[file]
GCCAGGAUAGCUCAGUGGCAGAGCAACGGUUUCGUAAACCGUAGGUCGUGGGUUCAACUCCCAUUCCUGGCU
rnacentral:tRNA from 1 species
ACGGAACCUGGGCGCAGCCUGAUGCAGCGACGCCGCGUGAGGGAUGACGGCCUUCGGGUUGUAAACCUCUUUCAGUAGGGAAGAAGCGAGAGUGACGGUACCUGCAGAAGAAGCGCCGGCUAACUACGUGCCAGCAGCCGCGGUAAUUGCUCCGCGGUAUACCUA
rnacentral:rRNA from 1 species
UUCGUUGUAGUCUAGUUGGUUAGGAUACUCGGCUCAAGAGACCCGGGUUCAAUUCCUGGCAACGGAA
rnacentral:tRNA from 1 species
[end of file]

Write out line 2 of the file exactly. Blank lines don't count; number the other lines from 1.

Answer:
rnacentral:tRNA from 1 species